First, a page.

The emerging v submerging economies
Financial advisers need to take the news with a grain of salt if they want to achieve the best results for their clients, according to a well-known international market commentator.
Tuesday, May 15th 2012, 6:48AM
Jonathan Pain, author of investment newsletter The Pain Report, is a speaker at the upcoming Perfecting Investment Portfolios event in Auckland.
He told Good Returns he would be discussing the changing face of the world's economy and how the "Western-centric" media are failing to report this transformation.
"My thesis for some time has described the world as being witness to a new reality - the story is that the world is increasingly divergent between the nations that are submerging and those are emerging," he said.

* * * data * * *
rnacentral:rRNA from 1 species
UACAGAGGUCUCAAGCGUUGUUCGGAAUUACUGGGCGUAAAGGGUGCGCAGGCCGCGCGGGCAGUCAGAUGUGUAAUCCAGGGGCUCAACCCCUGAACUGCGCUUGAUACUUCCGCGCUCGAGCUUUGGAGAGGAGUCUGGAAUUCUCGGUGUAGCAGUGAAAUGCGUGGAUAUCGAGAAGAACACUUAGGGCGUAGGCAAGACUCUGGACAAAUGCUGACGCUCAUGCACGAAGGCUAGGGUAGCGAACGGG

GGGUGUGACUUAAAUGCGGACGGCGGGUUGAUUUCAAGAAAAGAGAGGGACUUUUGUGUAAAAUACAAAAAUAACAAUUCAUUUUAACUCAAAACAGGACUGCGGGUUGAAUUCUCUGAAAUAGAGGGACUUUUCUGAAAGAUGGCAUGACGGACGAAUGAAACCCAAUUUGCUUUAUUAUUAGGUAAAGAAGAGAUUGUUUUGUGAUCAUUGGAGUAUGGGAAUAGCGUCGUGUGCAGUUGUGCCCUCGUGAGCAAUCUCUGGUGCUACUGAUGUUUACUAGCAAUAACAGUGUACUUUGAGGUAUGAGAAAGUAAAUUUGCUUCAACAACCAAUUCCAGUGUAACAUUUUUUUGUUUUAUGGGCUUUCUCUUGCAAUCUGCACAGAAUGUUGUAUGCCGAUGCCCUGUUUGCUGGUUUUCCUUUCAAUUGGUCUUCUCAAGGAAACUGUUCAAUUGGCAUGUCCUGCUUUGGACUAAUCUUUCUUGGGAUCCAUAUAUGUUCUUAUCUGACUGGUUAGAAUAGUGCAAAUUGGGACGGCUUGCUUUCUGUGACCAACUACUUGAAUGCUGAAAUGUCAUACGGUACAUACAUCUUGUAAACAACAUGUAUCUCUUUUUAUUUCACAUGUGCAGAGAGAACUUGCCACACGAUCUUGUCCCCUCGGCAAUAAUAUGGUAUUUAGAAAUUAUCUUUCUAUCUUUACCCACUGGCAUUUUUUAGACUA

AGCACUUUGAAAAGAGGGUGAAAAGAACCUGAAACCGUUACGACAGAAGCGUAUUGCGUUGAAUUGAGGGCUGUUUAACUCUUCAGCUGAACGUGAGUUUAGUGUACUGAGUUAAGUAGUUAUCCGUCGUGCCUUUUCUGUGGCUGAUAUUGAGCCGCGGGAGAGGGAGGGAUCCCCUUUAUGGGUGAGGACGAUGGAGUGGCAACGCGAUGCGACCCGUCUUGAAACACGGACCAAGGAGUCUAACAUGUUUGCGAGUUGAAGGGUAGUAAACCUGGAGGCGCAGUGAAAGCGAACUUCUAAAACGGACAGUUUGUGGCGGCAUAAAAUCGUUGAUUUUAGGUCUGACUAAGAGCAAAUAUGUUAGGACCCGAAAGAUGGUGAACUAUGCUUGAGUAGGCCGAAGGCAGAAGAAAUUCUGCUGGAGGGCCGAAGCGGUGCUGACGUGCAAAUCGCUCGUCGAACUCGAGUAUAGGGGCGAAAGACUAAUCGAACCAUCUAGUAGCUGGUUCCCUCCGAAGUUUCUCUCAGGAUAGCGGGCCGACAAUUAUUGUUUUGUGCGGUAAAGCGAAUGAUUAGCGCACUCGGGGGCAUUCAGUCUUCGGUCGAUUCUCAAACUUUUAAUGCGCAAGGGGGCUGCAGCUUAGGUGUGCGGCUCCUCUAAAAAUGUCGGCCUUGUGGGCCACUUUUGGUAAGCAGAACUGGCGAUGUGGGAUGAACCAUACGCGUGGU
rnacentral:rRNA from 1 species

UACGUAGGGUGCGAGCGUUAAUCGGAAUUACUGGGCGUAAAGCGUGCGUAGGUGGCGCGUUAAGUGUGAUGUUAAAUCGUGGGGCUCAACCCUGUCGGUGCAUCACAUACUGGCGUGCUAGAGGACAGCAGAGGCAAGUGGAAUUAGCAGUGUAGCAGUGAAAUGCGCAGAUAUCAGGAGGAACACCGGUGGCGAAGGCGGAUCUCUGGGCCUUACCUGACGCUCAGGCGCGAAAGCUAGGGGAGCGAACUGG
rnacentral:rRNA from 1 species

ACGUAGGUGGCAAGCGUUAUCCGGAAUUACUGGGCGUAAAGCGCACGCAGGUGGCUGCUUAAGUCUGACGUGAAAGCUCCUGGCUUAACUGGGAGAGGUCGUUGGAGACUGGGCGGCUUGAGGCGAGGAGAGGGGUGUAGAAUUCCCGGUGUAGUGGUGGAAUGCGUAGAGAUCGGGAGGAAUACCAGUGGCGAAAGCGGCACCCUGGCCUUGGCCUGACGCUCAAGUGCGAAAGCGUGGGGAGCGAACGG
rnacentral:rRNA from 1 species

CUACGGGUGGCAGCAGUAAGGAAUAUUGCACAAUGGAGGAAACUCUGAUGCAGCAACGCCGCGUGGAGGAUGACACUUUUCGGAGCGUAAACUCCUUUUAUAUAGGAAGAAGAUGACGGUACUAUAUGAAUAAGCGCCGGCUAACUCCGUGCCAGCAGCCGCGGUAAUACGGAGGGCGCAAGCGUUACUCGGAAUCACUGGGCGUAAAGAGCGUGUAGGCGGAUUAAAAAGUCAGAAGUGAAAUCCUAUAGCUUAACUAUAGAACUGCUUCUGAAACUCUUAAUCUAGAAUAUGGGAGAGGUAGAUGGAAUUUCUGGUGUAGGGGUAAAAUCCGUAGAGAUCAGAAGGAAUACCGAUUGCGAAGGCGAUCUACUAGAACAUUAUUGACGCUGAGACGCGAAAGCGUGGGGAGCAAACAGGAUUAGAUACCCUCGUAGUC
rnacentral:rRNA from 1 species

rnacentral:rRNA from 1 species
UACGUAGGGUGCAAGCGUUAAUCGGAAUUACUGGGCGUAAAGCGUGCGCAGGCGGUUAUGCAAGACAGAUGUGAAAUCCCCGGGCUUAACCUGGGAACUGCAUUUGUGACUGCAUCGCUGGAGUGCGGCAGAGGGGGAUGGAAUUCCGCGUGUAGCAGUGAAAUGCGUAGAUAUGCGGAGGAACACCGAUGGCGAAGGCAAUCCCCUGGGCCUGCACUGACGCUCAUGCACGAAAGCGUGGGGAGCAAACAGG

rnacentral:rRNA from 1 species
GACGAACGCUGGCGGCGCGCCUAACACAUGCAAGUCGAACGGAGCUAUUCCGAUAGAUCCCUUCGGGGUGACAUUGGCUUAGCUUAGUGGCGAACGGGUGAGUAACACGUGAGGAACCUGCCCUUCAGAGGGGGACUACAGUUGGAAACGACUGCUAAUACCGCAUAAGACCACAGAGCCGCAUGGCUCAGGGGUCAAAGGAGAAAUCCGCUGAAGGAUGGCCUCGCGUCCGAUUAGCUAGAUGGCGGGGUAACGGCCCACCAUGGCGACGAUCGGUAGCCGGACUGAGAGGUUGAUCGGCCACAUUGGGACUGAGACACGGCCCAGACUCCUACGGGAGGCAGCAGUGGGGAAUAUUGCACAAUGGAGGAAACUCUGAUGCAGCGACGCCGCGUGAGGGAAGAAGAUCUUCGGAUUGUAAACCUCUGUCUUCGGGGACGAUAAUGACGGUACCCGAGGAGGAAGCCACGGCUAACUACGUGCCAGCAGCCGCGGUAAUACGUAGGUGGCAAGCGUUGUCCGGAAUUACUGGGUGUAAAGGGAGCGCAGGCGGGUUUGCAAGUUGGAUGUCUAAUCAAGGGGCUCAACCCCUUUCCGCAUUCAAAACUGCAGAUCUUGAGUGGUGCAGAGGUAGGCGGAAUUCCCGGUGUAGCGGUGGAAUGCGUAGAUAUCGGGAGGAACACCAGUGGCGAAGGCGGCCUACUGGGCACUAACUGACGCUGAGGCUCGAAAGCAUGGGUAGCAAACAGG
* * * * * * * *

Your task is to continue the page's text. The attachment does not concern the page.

The submerging nations are those developed countries that are drowning in debt.
In 2009 Pain pointed to the dangerously high sovereign debt levels in the US, the UK, Greece, Portugal, Spain and Italy, and since then three of those countries have had bailouts, while it "looks likely Spain might be heading in that direction."
These countries are grappling with ageing populations, bloated bureaucracies and expensive welfare states, but Pain noted that all the submerging nations added together only equal about 10% of the world's population.
Meanwhile, countries with young populations and rapidly-growing economies such as Indonesia offer excellent investment opportunities due to their expanding middle classes.
However, Indonesia only ever makes the news is there's "a bomb, an earthquake or a tsunami", Pain said.
"When speaking in Australia [Indonesia's neighbour] I ask the audience to raise their hand if they have read one positive story in the newspaper about Indonesia. I've spoken to thousands of people and not a single person has raised their hand."
Pain also advised caution around the big international market indexes, which tend to be concentrated in "submerging" nations.
"I call the MSCI the ‘mainly submerging country index,'" he said.
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